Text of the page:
My husband died from the aftereffects of Agent Orange and his years in the military. He fought glioblastoma with every ounce of his being—and mine. The fight gave us seven years together beyond the doctors’ prognoses.
When we humans find ourselves in crisis situations, our bodies respond valiantly. Adrenalin keeps coursing through our systems, helping us smile a little brighter for our loved one, work a little harder, go a little farther than we feel we can possibly go. But when Death claims our loved one, we immediately discover how a helium balloon reacts when it encounters an especially sharp pin.
My support group of friends and family members helped me limp through those early days of widowhood—the nights were mine to face alone. Gradually, I took those first steps on the widows’ journey through loss and grief, hoping (but not certain) to find relief and recovery on the horizon one day. I learned there is no roadmap for this journey, but if I looked, I could find relief stations along the way.
For me, relief came with the Word of God and the guidance of a local non-profit, non-denominational ministry called Christian Mission Inc. I knew I was not alone on my journey, but the mission’s grief recovery program introduced me to fellow travelers. In unison, we asked, “What is next?” “Where do I go now?” “Who am I now?” For answers, we proceeded on our individual journeys, bolstered by the knowledge that our paths had been well trodden before us.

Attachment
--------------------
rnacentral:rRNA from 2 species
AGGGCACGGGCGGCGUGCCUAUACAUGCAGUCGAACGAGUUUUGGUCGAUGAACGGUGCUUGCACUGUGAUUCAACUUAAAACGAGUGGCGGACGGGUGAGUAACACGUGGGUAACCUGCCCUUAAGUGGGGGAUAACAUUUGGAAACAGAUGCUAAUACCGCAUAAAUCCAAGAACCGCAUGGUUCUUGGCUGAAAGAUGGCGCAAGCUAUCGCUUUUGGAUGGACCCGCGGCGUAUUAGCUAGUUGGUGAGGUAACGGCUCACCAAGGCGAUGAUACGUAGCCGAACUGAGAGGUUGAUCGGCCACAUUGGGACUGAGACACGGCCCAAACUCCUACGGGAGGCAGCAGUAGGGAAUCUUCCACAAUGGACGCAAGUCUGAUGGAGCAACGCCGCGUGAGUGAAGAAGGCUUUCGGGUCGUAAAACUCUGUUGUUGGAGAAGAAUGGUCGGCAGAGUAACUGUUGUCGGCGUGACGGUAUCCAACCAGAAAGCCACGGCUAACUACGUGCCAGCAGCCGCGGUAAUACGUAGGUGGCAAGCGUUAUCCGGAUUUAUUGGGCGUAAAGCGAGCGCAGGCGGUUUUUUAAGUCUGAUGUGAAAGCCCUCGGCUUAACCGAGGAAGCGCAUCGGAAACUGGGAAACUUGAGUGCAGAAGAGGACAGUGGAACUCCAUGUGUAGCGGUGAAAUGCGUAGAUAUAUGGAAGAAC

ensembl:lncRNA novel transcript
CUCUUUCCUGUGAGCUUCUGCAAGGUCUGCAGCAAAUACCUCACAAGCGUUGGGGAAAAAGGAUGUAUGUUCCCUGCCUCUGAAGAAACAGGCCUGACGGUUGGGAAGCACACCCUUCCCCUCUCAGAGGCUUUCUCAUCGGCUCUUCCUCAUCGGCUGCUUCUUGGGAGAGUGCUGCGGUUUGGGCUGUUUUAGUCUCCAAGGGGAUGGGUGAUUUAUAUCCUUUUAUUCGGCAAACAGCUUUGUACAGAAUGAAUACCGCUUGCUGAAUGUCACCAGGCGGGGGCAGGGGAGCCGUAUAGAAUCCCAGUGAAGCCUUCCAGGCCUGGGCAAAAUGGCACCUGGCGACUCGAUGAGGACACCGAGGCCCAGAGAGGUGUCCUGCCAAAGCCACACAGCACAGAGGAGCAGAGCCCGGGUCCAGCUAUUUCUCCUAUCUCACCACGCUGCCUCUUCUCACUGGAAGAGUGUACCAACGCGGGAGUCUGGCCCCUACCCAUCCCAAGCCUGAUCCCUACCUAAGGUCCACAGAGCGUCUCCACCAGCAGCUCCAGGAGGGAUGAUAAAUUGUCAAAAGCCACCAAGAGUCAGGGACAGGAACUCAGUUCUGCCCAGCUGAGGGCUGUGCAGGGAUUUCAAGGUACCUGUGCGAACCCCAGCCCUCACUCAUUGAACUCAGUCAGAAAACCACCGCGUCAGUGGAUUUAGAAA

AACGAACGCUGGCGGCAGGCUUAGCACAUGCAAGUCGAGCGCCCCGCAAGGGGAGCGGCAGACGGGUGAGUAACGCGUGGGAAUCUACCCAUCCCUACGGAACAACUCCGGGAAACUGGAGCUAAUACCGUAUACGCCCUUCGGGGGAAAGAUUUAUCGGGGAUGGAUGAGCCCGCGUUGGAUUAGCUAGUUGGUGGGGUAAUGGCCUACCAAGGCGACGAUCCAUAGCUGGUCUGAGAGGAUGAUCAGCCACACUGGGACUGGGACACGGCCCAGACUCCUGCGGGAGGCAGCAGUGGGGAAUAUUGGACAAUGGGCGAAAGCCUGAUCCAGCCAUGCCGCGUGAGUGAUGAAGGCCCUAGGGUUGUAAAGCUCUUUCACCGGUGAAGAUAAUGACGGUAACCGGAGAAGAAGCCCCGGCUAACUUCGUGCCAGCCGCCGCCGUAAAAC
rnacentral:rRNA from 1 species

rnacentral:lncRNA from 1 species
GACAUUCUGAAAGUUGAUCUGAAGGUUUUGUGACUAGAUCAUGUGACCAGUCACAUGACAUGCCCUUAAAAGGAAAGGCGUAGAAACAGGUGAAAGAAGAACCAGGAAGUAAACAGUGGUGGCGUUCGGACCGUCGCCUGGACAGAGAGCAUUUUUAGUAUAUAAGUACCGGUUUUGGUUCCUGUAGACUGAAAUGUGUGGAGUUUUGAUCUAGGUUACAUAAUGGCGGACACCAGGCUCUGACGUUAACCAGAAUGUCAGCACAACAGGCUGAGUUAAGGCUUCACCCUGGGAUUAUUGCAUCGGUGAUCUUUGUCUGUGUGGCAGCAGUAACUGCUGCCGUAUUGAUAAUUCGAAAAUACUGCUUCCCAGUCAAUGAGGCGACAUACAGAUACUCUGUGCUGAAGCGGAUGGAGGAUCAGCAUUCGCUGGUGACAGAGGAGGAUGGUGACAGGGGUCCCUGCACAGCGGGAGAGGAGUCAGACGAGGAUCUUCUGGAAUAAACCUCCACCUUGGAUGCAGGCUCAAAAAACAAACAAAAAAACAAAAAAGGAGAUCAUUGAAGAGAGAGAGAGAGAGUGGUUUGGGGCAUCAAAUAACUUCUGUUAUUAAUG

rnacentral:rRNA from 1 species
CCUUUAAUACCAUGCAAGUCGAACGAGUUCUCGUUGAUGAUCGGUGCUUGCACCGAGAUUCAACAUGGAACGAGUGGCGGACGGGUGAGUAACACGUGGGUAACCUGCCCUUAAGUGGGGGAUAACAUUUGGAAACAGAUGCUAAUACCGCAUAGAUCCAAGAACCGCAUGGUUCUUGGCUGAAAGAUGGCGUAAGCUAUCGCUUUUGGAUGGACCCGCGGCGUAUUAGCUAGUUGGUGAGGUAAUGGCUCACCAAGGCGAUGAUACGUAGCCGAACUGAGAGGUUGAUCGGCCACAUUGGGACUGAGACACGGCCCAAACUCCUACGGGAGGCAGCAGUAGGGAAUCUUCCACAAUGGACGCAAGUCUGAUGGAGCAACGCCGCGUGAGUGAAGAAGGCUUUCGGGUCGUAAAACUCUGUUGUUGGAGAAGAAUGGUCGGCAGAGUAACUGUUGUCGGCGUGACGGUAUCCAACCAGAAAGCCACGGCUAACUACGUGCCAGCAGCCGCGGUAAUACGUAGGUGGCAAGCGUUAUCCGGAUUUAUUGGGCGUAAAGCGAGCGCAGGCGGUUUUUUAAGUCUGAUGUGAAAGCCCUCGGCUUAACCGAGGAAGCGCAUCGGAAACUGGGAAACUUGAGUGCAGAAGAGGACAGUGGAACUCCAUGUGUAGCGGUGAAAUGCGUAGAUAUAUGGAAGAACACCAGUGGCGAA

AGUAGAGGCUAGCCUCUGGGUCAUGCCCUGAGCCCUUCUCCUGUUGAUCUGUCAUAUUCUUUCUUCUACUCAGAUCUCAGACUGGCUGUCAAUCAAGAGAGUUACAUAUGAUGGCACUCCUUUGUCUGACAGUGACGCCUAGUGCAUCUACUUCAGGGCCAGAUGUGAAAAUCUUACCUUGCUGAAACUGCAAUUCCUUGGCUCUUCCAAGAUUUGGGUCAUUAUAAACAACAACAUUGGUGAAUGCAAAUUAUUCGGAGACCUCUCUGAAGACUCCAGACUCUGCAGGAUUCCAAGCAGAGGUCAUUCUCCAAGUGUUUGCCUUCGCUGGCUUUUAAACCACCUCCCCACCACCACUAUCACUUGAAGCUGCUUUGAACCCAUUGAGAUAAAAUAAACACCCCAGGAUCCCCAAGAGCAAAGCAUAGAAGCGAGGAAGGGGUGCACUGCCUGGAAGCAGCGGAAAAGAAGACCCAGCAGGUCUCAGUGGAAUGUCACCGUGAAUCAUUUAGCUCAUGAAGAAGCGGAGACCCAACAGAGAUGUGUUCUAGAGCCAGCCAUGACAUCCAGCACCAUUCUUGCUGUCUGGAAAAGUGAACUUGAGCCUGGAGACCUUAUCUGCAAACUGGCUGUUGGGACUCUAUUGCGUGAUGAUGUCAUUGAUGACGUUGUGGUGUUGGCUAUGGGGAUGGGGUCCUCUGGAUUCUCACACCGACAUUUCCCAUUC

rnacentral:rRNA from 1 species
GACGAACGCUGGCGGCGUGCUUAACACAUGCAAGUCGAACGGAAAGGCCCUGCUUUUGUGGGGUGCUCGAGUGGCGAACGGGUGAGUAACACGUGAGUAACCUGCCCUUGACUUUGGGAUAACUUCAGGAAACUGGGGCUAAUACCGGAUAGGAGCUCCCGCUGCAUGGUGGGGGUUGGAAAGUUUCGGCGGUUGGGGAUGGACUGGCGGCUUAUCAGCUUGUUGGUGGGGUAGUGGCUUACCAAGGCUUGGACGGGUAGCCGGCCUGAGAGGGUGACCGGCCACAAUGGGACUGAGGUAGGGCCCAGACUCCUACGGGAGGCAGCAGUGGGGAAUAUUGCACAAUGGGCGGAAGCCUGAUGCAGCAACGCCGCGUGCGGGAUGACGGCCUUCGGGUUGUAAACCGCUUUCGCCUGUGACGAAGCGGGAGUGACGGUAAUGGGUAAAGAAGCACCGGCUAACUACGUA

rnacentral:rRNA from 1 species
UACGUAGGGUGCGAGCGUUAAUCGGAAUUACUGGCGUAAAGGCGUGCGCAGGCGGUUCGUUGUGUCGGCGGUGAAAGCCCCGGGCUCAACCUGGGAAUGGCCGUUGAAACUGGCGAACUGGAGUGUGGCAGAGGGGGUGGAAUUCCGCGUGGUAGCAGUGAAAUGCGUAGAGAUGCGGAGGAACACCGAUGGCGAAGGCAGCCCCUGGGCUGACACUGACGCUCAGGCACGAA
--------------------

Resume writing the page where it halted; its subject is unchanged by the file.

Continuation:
My healing journey continues as I write to comfort and encourage others. I have claimed II Corinthians 2:4, The Message, as my mission. “God of all healing counsel! He comes alongside us when we go through hard times, and before you know it, he brings us alongside someone else who is going through hard times, so that we can be there for that person just as God was there for us.”
A poem I read during this time is my go-to when I have one of those “grief bursts,” which still occur. I hope it encourages you.
You can shed tears that he’s gone.
Or smile because he lived.
You can close your eyes and pray he’ll come back.
Or open your eyes and see all he’s left.
You can turn your back on tomorrow and live in the yesterday.
Or be happy for tomorrow because of the yesterdays.
You can remember him and only that he’s gone.
Or cherish his memory and let it live on.
You can cry and close your mind, be empty and turn your back.
Or you can do what he would want:
Smile… Open your eyes… Love… And go on.
I find that writing continues to provide clarity and calmness for all the avenues of my life. I’ve had the honor to post “Oh, Lord, Not Again!” on: awidowsmight.org. This organization’s vision is to help widows draw others closer to Christ. More than 40,000 followers receive powerful messages of God’s faithfulness in their inbox each week.